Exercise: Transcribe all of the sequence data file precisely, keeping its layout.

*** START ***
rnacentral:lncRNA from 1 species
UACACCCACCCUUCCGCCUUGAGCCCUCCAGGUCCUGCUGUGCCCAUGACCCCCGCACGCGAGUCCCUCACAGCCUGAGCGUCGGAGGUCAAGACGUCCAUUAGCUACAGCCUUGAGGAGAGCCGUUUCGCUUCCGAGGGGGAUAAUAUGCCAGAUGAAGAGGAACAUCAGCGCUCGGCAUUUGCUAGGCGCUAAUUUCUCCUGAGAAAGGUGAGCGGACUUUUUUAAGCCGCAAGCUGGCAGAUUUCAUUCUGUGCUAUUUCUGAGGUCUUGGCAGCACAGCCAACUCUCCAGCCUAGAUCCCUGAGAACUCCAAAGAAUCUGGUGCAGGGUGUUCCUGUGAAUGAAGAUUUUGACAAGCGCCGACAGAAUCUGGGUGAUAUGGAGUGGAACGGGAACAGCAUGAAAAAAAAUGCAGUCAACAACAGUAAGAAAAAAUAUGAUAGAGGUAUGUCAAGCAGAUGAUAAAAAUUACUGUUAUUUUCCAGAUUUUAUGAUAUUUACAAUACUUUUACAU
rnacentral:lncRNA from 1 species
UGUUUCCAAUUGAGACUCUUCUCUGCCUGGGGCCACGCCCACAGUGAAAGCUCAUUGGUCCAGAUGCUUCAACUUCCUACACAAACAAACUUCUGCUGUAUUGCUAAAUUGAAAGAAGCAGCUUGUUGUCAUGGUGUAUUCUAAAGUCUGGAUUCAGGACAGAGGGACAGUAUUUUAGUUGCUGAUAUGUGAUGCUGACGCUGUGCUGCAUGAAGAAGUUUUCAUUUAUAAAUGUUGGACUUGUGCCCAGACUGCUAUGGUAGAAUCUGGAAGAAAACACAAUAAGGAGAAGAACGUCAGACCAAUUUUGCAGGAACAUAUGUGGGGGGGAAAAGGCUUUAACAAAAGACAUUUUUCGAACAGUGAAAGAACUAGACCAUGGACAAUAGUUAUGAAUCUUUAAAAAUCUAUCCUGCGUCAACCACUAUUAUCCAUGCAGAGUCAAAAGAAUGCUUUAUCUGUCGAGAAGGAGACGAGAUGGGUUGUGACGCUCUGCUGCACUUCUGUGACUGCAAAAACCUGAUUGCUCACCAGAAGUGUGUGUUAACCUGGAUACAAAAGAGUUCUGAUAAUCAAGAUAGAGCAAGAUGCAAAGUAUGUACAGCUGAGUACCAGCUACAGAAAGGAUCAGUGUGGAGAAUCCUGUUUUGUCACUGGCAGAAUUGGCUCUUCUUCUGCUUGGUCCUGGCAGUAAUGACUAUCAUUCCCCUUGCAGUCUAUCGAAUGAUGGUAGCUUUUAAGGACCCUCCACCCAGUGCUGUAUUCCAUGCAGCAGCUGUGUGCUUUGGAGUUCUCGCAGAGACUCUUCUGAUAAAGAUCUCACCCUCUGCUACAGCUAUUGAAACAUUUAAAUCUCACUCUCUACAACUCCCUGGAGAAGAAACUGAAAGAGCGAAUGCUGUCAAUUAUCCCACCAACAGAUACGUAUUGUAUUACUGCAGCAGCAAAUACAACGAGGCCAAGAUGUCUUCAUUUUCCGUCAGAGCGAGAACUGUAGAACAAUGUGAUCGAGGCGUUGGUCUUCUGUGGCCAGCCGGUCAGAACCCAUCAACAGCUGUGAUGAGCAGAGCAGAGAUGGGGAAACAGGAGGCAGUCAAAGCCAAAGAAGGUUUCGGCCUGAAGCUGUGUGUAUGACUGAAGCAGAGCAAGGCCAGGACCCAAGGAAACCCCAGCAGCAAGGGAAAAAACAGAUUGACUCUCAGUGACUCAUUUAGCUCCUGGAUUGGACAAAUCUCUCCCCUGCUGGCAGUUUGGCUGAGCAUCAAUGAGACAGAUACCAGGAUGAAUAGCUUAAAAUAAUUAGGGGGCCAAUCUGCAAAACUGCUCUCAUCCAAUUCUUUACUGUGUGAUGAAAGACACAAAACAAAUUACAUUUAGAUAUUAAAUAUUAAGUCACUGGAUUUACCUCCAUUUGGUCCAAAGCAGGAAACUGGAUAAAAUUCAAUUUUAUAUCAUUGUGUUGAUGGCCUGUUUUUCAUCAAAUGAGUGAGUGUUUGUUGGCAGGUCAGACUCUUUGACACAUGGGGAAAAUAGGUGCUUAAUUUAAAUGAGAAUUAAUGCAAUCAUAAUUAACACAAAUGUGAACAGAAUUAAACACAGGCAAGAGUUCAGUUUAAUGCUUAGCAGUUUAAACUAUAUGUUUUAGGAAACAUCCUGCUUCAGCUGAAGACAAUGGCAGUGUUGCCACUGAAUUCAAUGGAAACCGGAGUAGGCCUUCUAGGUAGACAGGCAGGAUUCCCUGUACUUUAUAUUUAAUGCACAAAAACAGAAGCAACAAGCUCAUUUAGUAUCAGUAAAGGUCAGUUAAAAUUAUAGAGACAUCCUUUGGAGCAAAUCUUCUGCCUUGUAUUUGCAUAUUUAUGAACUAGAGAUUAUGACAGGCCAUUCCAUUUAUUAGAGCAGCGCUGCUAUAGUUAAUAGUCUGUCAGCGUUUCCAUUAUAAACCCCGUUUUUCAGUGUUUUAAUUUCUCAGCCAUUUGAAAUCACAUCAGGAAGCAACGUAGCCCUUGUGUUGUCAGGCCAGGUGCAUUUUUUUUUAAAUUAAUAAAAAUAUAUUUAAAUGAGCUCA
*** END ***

rnacentral:lncRNA from 1 species
UACACCCACCCUUCCGCCUUGAGCCCUCCAGGUCCUGCUGUGCCCAUGACCCCCGCACGCGAGUCCCUCACAGCCUGAGCGUCGGAGGUCAAGACGUCCAUUAGCUACAGCCUUGAGGAGAGCCGUUUCGCUUCCGAGGGGGAUAAUAUGCCAGAUGAAGAGGAACAUCAGCGCUCGGCAUUUGCUAGGCGCUAAUUUCUCCUGAGAAAGGUGAGCGGACUUUUUUAAGCCGCAAGCUGGCAGAUUUCAUUCUGUGCUAUUUCUGAGGUCUUGGCAGCACAGCCAACUCUCCAGCCUAGAUCCCUGAGAACUCCAAAGAAUCUGGUGCAGGGUGUUCCUGUGAAUGAAGAUUUUGACAAGCGCCGACAGAAUCUGGGUGAUAUGGAGUGGAACGGGAACAGCAUGAAAAAAAAUGCAGUCAACAACAGUAAGAAAAAAUAUGAUAGAGGUAUGUCAAGCAGAUGAUAAAAAUUACUGUUAUUUUCCAGAUUUUAUGAUAUUUACAAUACUUUUACAU
rnacentral:lncRNA from 1 species
UGUUUCCAAUUGAGACUCUUCUCUGCCUGGGGCCACGCCCACAGUGAAAGCUCAUUGGUCCAGAUGCUUCAACUUCCUACACAAACAAACUUCUGCUGUAUUGCUAAAUUGAAAGAAGCAGCUUGUUGUCAUGGUGUAUUCUAAAGUCUGGAUUCAGGACAGAGGGACAGUAUUUUAGUUGCUGAUAUGUGAUGCUGACGCUGUGCUGCAUGAAGAAGUUUUCAUUUAUAAAUGUUGGACUUGUGCCCAGACUGCUAUGGUAGAAUCUGGAAGAAAACACAAUAAGGAGAAGAACGUCAGACCAAUUUUGCAGGAACAUAUGUGGGGGGGAAAAGGCUUUAACAAAAGACAUUUUUCGAACAGUGAAAGAACUAGACCAUGGACAAUAGUUAUGAAUCUUUAAAAAUCUAUCCUGCGUCAACCACUAUUAUCCAUGCAGAGUCAAAAGAAUGCUUUAUCUGUCGAGAAGGAGACGAGAUGGGUUGUGACGCUCUGCUGCACUUCUGUGACUGCAAAAACCUGAUUGCUCACCAGAAGUGUGUGUUAACCUGGAUACAAAAGAGUUCUGAUAAUCAAGAUAGAGCAAGAUGCAAAGUAUGUACAGCUGAGUACCAGCUACAGAAAGGAUCAGUGUGGAGAAUCCUGUUUUGUCACUGGCAGAAUUGGCUCUUCUUCUGCUUGGUCCUGGCAGUAAUGACUAUCAUUCCCCUUGCAGUCUAUCGAAUGAUGGUAGCUUUUAAGGACCCUCCACCCAGUGCUGUAUUCCAUGCAGCAGCUGUGUGCUUUGGAGUUCUCGCAGAGACUCUUCUGAUAAAGAUCUCACCCUCUGCUACAGCUAUUGAAACAUUUAAAUCUCACUCUCUACAACUCCCUGGAGAAGAAACUGAAAGAGCGAAUGCUGUCAAUUAUCCCACCAACAGAUACGUAUUGUAUUACUGCAGCAGCAAAUACAACGAGGCCAAGAUGUCUUCAUUUUCCGUCAGAGCGAGAACUGUAGAACAAUGUGAUCGAGGCGUUGGUCUUCUGUGGCCAGCCGGUCAGAACCCAUCAACAGCUGUGAUGAGCAGAGCAGAGAUGGGGAAACAGGAGGCAGUCAAAGCCAAAGAAGGUUUCGGCCUGAAGCUGUGUGUAUGACUGAAGCAGAGCAAGGCCAGGACCCAAGGAAACCCCAGCAGCAAGGGAAAAAACAGAUUGACUCUCAGUGACUCAUUUAGCUCCUGGAUUGGACAAAUCUCUCCCCUGCUGGCAGUUUGGCUGAGCAUCAAUGAGACAGAUACCAGGAUGAAUAGCUUAAAAUAAUUAGGGGGCCAAUCUGCAAAACUGCUCUCAUCCAAUUCUUUACUGUGUGAUGAAAGACACAAAACAAAUUACAUUUAGAUAUUAAAUAUUAAGUCACUGGAUUUACCUCCAUUUGGUCCAAAGCAGGAAACUGGAUAAAAUUCAAUUUUAUAUCAUUGUGUUGAUGGCCUGUUUUUCAUCAAAUGAGUGAGUGUUUGUUGGCAGGUCAGACUCUUUGACACAUGGGGAAAAUAGGUGCUUAAUUUAAAUGAGAAUUAAUGCAAUCAUAAUUAACACAAAUGUGAACAGAAUUAAACACAGGCAAGAGUUCAGUUUAAUGCUUAGCAGUUUAAACUAUAUGUUUUAGGAAACAUCCUGCUUCAGCUGAAGACAAUGGCAGUGUUGCCACUGAAUUCAAUGGAAACCGGAGUAGGCCUUCUAGGUAGACAGGCAGGAUUCCCUGUACUUUAUAUUUAAUGCACAAAAACAGAAGCAACAAGCUCAUUUAGUAUCAGUAAAGGUCAGUUAAAAUUAUAGAGACAUCCUUUGGAGCAAAUCUUCUGCCUUGUAUUUGCAUAUUUAUGAACUAGAGAUUAUGACAGGCCAUUCCAUUUAUUAGAGCAGCGCUGCUAUAGUUAAUAGUCUGUCAGCGUUUCCAUUAUAAACCCCGUUUUUCAGUGUUUUAAUUUCUCAGCCAUUUGAAAUCACAUCAGGAAGCAACGUAGCCCUUGUGUUGUCAGGCCAGGUGCAUUUUUUUUUAAAUUAAUAAAAAUAUAUUUAAAUGAGCUCA